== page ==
The term “melting pot” comes from the title of a 1908 Broadway play by Israel Zangwill, which told the tale of a Russian-Jewish immigrant looking to escape the pogroms of the time. The term quickly caught the imagination of the country and became synonymous with the potential of the United States: Many cultures, ethnicities, religions, and traditions all coming from the Old World, putting behind the enmities of yesterday, and learning to live in peaceful collaboration and coexistence. It’s a noble aspiration, one that is predicated on the notion that all men are created equal, and, given the opportunity for a fresh start, can become something better than they were before.

In subsequent decades, however, the term has become associated with forced assimilation and whitewashing of various ethnic cultures, leading to tension around the concept. Spielberg, Wise and Robbins all use West Side Story to take a look at an America where the idea of forced assimilation and displacement creates ethnic tensions and a cycle of violence that in turn leads to more hatred. (This is also ground tilled by Kushner and Spielberg in their 2005 masterpiece, Munich.)

The original film was an active participant in this whitewashing: The only Latino lead in the whole of the 1961 movie was Rita Moreno, an echo that gives Valentina’s performance of “Somewhere” added resonance. While I have personal experience with the trickiness of casting—as a son of Cuban and Argentine-Irish immigrants, I’ve performed in the play numerous times and, depending on where I was living and the needs of the cast, have portrayed both a Shark and a Jet—there was no good excuse for a big Hollywood production not to cast these roles with the proper ethnicities, even in 1961.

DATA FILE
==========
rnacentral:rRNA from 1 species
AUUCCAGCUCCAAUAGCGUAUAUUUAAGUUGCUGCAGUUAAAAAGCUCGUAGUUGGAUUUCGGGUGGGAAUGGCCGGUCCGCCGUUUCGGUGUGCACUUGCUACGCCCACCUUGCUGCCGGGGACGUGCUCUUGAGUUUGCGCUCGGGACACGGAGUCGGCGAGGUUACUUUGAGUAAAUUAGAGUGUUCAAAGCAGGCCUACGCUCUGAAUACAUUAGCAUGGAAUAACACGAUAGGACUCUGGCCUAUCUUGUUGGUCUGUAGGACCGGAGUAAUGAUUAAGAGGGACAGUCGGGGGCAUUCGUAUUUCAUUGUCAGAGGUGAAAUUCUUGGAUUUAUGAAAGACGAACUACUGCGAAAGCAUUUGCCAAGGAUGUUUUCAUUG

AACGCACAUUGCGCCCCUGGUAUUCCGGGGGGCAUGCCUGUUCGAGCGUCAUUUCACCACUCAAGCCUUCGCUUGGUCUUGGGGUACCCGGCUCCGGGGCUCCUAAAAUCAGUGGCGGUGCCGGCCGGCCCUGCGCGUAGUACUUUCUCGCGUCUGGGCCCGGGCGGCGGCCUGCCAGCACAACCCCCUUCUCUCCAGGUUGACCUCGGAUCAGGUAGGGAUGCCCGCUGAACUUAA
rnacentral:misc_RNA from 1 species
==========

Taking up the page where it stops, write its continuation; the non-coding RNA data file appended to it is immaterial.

The added focus on Chino and Maria in the 2021 movie drives home the point about the cycle of violence. Their backstories are more fleshed out, with Chino’s education and felicity for adding machines serving the hope of Bernardo for a Puerto Rican to escape the west side. Both are meant to be kept out of the street violence that consumes both gang members and adults on the west side, yet Spielberg takes care to show how their own insecurities and choices ultimately condemn both to be victims of the same cycle the Sharks wanted them to avoid.

Nowadays there are two schools of thought surrounding the melting pot: The assimilationist view and the “diversity is our strength” view that came to prominence in subsequent years. But what makes the concept special isn’t assimilation or the loss of culture, as its critics suggest, but the melding of new cultures with time-tested American values and traditions, strengthening both. The American melting pot, if practiced imperfectly and used to excuse past cruelties, is still an aspiration worth striving towards.

West Side Story became an American masterpiece because it wrestled with weighty concepts of racism, love, and poverty, generating an emotional fervor that necessitates the elevated reality of song and dance. In a time when political and cultural divisions are at a fever pitch, perhaps some catharsis can be found in the fury of dance and song Spielberg’s West Side Storyprovides. For me, West Side Story serves as a timely reminder of the failures of America’s past in addition to hope for the future. Yes, there is systemic inequality and injustice. There is racism. But much like the tragedy that shapes West Side Story, these prejudices can give way to love and mutual respect. This is the prayer written by Sondheim that cuts through the hate and cynicism in which the characters threaten to drown: Somehow, Someplace, there can be a new way of living and forgiving.